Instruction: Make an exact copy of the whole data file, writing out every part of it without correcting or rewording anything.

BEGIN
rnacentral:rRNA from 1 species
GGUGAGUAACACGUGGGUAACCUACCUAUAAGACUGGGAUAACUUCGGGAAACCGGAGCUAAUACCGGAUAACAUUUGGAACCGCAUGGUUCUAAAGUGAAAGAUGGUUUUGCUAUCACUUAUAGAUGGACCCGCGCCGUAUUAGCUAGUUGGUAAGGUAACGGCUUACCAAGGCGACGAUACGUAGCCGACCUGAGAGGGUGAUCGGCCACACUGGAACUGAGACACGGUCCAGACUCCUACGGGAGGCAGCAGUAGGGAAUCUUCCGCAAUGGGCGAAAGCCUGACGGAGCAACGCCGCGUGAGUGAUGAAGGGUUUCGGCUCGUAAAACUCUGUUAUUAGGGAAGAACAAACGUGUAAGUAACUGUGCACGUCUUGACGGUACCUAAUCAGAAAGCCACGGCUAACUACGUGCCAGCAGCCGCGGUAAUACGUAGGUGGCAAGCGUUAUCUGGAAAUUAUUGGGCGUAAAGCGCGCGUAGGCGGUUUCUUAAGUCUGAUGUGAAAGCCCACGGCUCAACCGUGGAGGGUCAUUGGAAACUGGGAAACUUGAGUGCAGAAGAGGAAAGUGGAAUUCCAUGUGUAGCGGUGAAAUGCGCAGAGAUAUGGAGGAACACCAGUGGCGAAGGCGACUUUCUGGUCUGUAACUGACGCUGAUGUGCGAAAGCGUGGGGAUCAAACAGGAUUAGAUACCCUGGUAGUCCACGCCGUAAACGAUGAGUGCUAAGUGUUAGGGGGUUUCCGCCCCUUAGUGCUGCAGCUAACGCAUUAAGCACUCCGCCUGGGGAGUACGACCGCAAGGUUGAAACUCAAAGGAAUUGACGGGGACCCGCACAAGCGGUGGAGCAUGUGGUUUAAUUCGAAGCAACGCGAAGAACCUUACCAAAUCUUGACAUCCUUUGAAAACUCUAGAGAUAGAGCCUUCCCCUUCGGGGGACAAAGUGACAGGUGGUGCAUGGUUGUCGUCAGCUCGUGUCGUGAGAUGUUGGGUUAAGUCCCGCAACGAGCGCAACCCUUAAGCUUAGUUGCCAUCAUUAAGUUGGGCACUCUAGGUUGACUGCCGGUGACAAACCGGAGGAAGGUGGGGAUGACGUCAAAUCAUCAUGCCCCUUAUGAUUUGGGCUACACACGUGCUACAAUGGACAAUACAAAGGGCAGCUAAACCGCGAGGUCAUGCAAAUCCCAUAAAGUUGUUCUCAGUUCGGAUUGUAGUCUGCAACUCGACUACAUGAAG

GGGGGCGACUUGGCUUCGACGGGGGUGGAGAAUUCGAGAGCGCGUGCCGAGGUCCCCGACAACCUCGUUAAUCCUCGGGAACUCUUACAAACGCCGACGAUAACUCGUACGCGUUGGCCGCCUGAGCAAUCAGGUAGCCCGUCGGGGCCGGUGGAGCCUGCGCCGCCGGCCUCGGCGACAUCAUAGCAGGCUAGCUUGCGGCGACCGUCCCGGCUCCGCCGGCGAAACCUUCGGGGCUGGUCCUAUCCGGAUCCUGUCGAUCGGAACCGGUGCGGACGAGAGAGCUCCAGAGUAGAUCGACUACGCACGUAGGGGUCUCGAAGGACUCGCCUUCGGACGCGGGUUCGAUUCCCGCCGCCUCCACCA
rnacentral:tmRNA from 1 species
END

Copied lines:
rnacentral:rRNA from 1 species
GGUGAGUAACACGUGGGUAACCUACCUAUAAGACUGGGAUAACUUCGGGAAACCGGAGCUAAUACCGGAUAACAUUUGGAACCGCAUGGUUCUAAAGUGAAAGAUGGUUUUGCUAUCACUUAUAGAUGGACCCGCGCCGUAUUAGCUAGUUGGUAAGGUAACGGCUUACCAAGGCGACGAUACGUAGCCGACCUGAGAGGGUGAUCGGCCACACUGGAACUGAGACACGGUCCAGACUCCUACGGGAGGCAGCAGUAGGGAAUCUUCCGCAAUGGGCGAAAGCCUGACGGAGCAACGCCGCGUGAGUGAUGAAGGGUUUCGGCUCGUAAAACUCUGUUAUUAGGGAAGAACAAACGUGUAAGUAACUGUGCACGUCUUGACGGUACCUAAUCAGAAAGCCACGGCUAACUACGUGCCAGCAGCCGCGGUAAUACGUAGGUGGCAAGCGUUAUCUGGAAAUUAUUGGGCGUAAAGCGCGCGUAGGCGGUUUCUUAAGUCUGAUGUGAAAGCCCACGGCUCAACCGUGGAGGGUCAUUGGAAACUGGGAAACUUGAGUGCAGAAGAGGAAAGUGGAAUUCCAUGUGUAGCGGUGAAAUGCGCAGAGAUAUGGAGGAACACCAGUGGCGAAGGCGACUUUCUGGUCUGUAACUGACGCUGAUGUGCGAAAGCGUGGGGAUCAAACAGGAUUAGAUACCCUGGUAGUCCACGCCGUAAACGAUGAGUGCUAAGUGUUAGGGGGUUUCCGCCCCUUAGUGCUGCAGCUAACGCAUUAAGCACUCCGCCUGGGGAGUACGACCGCAAGGUUGAAACUCAAAGGAAUUGACGGGGACCCGCACAAGCGGUGGAGCAUGUGGUUUAAUUCGAAGCAACGCGAAGAACCUUACCAAAUCUUGACAUCCUUUGAAAACUCUAGAGAUAGAGCCUUCCCCUUCGGGGGACAAAGUGACAGGUGGUGCAUGGUUGUCGUCAGCUCGUGUCGUGAGAUGUUGGGUUAAGUCCCGCAACGAGCGCAACCCUUAAGCUUAGUUGCCAUCAUUAAGUUGGGCACUCUAGGUUGACUGCCGGUGACAAACCGGAGGAAGGUGGGGAUGACGUCAAAUCAUCAUGCCCCUUAUGAUUUGGGCUACACACGUGCUACAAUGGACAAUACAAAGGGCAGCUAAACCGCGAGGUCAUGCAAAUCCCAUAAAGUUGUUCUCAGUUCGGAUUGUAGUCUGCAACUCGACUACAUGAAG

GGGGGCGACUUGGCUUCGACGGGGGUGGAGAAUUCGAGAGCGCGUGCCGAGGUCCCCGACAACCUCGUUAAUCCUCGGGAACUCUUACAAACGCCGACGAUAACUCGUACGCGUUGGCCGCCUGAGCAAUCAGGUAGCCCGUCGGGGCCGGUGGAGCCUGCGCCGCCGGCCUCGGCGACAUCAUAGCAGGCUAGCUUGCGGCGACCGUCCCGGCUCCGCCGGCGAAACCUUCGGGGCUGGUCCUAUCCGGAUCCUGUCGAUCGGAACCGGUGCGGACGAGAGAGCUCCAGAGUAGAUCGACUACGCACGUAGGGGUCUCGAAGGACUCGCCUUCGGACGCGGGUUCGAUUCCCGCCGCCUCCACCA
rnacentral:tmRNA from 1 species